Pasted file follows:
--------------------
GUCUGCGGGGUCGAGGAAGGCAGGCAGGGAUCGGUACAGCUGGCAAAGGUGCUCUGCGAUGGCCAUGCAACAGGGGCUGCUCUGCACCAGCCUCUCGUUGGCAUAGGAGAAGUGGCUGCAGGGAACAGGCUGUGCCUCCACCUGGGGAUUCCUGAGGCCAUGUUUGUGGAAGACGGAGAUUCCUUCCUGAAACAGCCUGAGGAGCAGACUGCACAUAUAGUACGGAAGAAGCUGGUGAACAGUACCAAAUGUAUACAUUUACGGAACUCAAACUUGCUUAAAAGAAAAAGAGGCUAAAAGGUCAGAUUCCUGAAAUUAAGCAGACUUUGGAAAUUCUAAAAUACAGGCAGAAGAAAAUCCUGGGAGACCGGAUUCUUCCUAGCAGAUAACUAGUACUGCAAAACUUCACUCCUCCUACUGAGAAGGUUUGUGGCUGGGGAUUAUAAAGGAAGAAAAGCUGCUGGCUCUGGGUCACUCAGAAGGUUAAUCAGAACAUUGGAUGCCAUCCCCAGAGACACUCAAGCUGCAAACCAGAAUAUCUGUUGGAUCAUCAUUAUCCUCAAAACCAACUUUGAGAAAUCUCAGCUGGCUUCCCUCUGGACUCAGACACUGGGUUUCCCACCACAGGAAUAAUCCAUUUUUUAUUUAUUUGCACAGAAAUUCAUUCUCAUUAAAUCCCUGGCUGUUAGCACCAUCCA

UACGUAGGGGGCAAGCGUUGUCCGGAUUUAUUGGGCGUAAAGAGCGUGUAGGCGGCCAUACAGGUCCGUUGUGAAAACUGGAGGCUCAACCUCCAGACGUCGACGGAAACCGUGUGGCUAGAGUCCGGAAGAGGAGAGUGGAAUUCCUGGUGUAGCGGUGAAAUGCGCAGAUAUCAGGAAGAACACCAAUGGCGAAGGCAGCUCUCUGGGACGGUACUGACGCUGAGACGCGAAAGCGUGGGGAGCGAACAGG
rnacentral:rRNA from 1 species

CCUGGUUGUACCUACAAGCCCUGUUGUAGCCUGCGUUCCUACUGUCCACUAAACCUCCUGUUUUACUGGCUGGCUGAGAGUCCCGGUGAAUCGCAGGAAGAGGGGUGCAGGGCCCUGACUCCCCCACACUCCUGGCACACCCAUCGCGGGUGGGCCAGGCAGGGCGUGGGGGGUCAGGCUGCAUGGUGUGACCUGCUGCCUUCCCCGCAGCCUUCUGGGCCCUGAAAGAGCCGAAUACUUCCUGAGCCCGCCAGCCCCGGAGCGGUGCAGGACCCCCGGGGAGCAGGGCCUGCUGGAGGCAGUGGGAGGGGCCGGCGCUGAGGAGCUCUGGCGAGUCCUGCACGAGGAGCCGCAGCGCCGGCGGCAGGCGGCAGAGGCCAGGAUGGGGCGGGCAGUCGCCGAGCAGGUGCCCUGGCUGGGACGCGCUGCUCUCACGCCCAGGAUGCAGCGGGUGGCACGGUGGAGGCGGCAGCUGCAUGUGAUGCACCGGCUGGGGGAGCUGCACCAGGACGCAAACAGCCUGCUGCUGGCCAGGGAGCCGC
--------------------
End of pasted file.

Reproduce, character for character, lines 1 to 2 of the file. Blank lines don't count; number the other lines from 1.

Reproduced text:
GUCUGCGGGGUCGAGGAAGGCAGGCAGGGAUCGGUACAGCUGGCAAAGGUGCUCUGCGAUGGCCAUGCAACAGGGGCUGCUCUGCACCAGCCUCUCGUUGGCAUAGGAGAAGUGGCUGCAGGGAACAGGCUGUGCCUCCACCUGGGGAUUCCUGAGGCCAUGUUUGUGGAAGACGGAGAUUCCUUCCUGAAACAGCCUGAGGAGCAGACUGCACAUAUAGUACGGAAGAAGCUGGUGAACAGUACCAAAUGUAUACAUUUACGGAACUCAAACUUGCUUAAAAGAAAAAGAGGCUAAAAGGUCAGAUUCCUGAAAUUAAGCAGACUUUGGAAAUUCUAAAAUACAGGCAGAAGAAAAUCCUGGGAGACCGGAUUCUUCCUAGCAGAUAACUAGUACUGCAAAACUUCACUCCUCCUACUGAGAAGGUUUGUGGCUGGGGAUUAUAAAGGAAGAAAAGCUGCUGGCUCUGGGUCACUCAGAAGGUUAAUCAGAACAUUGGAUGCCAUCCCCAGAGACACUCAAGCUGCAAACCAGAAUAUCUGUUGGAUCAUCAUUAUCCUCAAAACCAACUUUGAGAAAUCUCAGCUGGCUUCCCUCUGGACUCAGACACUGGGUUUCCCACCACAGGAAUAAUCCAUUUUUUAUUUAUUUGCACAGAAAUUCAUUCUCAUUAAAUCCCUGGCUGUUAGCACCAUCCA

UACGUAGGGGGCAAGCGUUGUCCGGAUUUAUUGGGCGUAAAGAGCGUGUAGGCGGCCAUACAGGUCCGUUGUGAAAACUGGAGGCUCAACCUCCAGACGUCGACGGAAACCGUGUGGCUAGAGUCCGGAAGAGGAGAGUGGAAUUCCUGGUGUAGCGGUGAAAUGCGCAGAUAUCAGGAAGAACACCAAUGGCGAAGGCAGCUCUCUGGGACGGUACUGACGCUGAGACGCGAAAGCGUGGGGAGCGAACAGG